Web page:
|Hip and finger tips (PERIPHERAL NEUROPATHY)
Feb 21, 2008
I have been positive for only 3 years and I have never been on any HIV meds yet, but I may go on soon. I am at 411 T cells, 15% and 30k VL. I am taking Valtrex to keep shingles away, two anti histamines, amoxicillin for sore throat, and 4 herbal valerian pills to sleep.
My first problem is with some tingling and and pain in my finger tips on both hands, this happened after holding on to an over head handhold on a bus for 40 min with both hands, and lasted for 4 days then slowly went away. It was scary to have the feeling of pain in the fingers for that long, it has happened numerous times but never this badly. I also notice when I swim in the pool for 55 min that my finger tips seem a bit numb. I stopped all the meds above to see if that would help. Please say that it is not PN.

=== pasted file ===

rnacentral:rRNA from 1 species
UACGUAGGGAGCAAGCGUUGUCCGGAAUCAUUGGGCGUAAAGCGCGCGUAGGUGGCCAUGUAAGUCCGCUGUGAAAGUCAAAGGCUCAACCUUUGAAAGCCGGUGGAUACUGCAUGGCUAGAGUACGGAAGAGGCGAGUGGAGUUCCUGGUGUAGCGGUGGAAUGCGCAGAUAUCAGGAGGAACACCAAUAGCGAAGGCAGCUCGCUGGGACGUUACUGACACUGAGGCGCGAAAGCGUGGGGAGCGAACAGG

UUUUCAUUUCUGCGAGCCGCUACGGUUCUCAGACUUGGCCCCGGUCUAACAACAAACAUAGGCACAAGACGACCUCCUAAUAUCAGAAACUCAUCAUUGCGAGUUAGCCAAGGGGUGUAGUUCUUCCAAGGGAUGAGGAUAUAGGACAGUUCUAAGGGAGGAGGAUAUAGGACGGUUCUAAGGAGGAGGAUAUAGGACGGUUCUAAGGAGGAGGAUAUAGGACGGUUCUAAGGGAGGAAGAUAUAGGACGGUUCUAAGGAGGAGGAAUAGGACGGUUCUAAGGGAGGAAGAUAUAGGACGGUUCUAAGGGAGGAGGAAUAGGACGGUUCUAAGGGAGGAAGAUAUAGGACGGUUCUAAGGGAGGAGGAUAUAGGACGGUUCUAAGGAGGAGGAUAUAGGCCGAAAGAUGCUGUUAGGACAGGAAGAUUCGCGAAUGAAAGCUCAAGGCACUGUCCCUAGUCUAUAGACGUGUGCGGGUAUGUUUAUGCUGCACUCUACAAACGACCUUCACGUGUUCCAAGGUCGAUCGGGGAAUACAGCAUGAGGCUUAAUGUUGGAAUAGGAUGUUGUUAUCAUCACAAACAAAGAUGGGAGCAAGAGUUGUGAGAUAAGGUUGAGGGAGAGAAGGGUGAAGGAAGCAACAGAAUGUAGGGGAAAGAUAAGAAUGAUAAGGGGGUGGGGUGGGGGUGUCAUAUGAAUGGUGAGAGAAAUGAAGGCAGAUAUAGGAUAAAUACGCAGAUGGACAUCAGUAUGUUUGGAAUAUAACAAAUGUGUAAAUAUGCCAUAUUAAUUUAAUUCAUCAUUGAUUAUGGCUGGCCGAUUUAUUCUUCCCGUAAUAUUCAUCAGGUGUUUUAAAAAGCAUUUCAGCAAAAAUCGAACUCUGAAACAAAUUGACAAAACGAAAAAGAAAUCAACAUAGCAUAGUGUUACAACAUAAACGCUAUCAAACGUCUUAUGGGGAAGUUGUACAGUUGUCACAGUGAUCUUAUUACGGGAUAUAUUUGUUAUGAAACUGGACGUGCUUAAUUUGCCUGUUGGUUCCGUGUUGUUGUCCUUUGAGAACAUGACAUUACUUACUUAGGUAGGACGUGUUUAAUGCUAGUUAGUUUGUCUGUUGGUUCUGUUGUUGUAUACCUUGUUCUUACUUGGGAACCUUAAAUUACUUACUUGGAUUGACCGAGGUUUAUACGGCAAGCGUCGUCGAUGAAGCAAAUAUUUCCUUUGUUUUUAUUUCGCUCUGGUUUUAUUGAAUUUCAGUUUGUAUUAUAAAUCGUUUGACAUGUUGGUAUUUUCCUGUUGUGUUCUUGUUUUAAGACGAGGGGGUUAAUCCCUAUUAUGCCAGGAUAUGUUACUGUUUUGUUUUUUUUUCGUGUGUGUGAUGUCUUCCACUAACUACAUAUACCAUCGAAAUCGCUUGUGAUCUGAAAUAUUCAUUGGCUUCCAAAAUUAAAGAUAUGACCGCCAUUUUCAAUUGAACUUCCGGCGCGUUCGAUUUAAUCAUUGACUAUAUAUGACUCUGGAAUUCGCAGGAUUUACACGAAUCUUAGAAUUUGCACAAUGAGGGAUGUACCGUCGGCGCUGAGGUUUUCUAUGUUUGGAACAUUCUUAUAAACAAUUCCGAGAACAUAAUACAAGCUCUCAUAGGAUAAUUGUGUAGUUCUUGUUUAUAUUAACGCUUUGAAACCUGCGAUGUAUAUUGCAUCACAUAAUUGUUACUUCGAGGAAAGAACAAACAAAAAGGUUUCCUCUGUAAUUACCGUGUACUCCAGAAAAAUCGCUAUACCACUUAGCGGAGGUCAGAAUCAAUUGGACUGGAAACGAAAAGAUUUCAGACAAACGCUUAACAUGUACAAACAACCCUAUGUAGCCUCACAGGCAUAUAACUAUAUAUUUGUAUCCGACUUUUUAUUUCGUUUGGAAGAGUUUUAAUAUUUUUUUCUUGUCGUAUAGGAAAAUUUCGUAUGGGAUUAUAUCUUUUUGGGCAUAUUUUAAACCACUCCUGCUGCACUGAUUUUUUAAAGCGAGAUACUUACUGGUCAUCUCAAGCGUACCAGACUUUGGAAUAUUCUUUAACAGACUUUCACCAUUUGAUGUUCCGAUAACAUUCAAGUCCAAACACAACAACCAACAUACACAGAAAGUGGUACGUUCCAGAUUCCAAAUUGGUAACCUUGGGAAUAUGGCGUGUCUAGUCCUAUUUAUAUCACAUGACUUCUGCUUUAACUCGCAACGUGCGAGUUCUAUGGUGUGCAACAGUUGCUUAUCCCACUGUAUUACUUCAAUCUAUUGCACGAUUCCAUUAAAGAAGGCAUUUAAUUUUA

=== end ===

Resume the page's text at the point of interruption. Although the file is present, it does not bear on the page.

The other issue is with my hip. When I was in hospital for mrsa pnuemonia 2 years ago, i spent all my time sleeping on my right side, this caused some pain in my right hip socket which has not gotten better with time. In fact now when i sit along time or lay on my right side i have mild pain. I am hoping this is tendonitis or bursitis not necrosis.
Response from Dr. Frascino
For issue #1, you want me to "please say it is not PN." OK, it's not PN. (You can read about HIV-related PN below.)
For issue #2, that your hip discomfort "has gotten better with time" would argue against avascular necrosis. That gets worse with time.
September 22, 2007
What Is Peripheral Neuropathy? What Causes PN? How Is PN Diagnosed? How Is It Treated? Other Resources The Bottom Line